(July-1996) For many years, a number of Tesla nerds sought his secret particle beam weaponry papers which the War Department had apparently obtained right after he died in 1943. In 1984, Andrija Puharich's name emerged yet again when it was announced by the International Tesla Society, that Puharich would be discussing these very secret documents at the first American International Tesla Conference to be held in Colorado Springs, the site of Tesla's 1899 Experimental Station. I also submitted a paper, and flew out to Colorado that summer to present it.
Sure enough, Puharich had the actual secret patent application, and authentic drawings of the weapon, which had been squirreled to him by one of the men from military intelligence who had interviewed Tesla during the last weeks and months of his life over 40 years before. This individual had sat on the copy all this time before releasing it to the Psychotronic Society, where Puharich got a hold of it.
Over the next 12 years, as I worked to hone a comprehensive chronology of Tesla's life, I continued to obtain relevant books and articles, as I also spoke at each Tesla symposium held every other year in Colorado Springs. Simultaneously, I submitted and presented papers in Europe at the Tesla conferences held in Yugoslavia and at handwriting symposia in Canada and Israel.
In 1986, I travelled to Zagreb and to Belgrade where the Tesla Museum resides and also to Smiljan, Croatia, the site of the inventor's birth place. During that trip, I obtained access to information on Tesla's work in vertical take-off and landing (VTOL) aircraft. For the first time, I saw strange drawings of unusual vehicles, reactive jet dirigibles and hovercraft and also combination helicopter/airplanes (that I had seen earlier) that the inventor designed. Clearly, as I explain in WIZARD, Tesla is one of the forefathers of both the Harrier jet, which can hover and take off vertically, and the Osprey helicopter-airplane which was used so successfully in the recent war with Iraq.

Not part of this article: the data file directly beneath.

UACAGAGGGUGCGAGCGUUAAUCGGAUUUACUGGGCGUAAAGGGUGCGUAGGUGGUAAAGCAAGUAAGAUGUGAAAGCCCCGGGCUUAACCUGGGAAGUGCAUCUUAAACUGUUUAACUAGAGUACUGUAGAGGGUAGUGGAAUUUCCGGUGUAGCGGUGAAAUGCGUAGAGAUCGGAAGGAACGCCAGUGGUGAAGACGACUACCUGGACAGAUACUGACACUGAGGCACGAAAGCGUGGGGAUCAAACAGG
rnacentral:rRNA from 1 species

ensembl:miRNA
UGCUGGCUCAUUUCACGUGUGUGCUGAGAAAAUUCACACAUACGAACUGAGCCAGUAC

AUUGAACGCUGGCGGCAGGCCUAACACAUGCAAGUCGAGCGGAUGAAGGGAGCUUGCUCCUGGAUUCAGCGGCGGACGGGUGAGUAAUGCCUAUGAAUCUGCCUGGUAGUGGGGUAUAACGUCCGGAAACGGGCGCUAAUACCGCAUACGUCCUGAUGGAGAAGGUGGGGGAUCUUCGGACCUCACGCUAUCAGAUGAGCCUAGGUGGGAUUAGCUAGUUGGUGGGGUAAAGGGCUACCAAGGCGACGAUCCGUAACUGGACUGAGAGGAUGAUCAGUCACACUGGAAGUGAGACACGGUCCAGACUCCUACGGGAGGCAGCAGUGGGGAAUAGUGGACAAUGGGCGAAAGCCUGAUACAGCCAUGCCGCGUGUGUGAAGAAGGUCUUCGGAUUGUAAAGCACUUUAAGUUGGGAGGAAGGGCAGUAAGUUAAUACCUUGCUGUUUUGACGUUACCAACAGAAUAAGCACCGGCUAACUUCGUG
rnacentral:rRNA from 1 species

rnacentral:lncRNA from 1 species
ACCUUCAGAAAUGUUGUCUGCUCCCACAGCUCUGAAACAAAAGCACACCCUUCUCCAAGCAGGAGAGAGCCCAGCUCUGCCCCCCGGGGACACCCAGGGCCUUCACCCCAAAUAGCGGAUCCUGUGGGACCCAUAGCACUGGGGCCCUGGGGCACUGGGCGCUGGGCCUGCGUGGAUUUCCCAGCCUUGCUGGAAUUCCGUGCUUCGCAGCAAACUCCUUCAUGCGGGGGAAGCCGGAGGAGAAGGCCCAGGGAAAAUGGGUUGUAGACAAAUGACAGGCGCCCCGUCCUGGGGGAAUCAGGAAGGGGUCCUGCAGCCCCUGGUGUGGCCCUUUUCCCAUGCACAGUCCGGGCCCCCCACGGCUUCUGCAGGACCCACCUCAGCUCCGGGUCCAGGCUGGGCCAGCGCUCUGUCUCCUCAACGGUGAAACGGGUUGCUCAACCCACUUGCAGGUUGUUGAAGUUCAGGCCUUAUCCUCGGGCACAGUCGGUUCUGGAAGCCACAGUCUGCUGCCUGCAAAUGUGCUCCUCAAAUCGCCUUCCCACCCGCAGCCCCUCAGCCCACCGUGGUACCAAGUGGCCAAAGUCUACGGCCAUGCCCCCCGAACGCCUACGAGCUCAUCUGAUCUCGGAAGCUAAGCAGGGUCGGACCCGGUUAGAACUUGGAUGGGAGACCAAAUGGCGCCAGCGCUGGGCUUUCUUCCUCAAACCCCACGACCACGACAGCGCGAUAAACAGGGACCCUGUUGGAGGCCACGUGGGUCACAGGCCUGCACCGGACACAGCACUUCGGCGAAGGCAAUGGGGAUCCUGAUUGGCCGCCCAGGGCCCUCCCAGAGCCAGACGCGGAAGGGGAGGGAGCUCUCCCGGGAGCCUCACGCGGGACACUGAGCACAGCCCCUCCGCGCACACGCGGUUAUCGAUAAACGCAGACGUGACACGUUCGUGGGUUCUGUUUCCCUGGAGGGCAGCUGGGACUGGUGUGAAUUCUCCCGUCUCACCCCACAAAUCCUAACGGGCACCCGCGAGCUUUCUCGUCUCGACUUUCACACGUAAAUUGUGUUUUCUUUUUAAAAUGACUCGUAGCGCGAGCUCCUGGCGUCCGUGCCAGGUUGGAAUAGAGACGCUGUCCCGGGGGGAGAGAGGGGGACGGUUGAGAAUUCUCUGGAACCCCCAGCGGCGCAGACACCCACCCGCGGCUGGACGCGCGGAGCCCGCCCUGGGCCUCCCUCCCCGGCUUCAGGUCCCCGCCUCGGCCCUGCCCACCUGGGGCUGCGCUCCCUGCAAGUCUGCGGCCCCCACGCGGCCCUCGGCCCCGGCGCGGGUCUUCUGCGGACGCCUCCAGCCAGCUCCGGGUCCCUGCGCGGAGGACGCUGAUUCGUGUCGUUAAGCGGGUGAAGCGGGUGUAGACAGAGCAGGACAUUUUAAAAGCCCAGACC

Also in Belgrade, I studied the correspondence with financiers such as Thomas Fortune Ryan and John Jacob Astor and also analyzed the letters between Tesla and his editor Thomas Commerford Martin, editor of the classic compendium The Inventions, Researches and Writings of Nikola Tesla, which was published in 1893.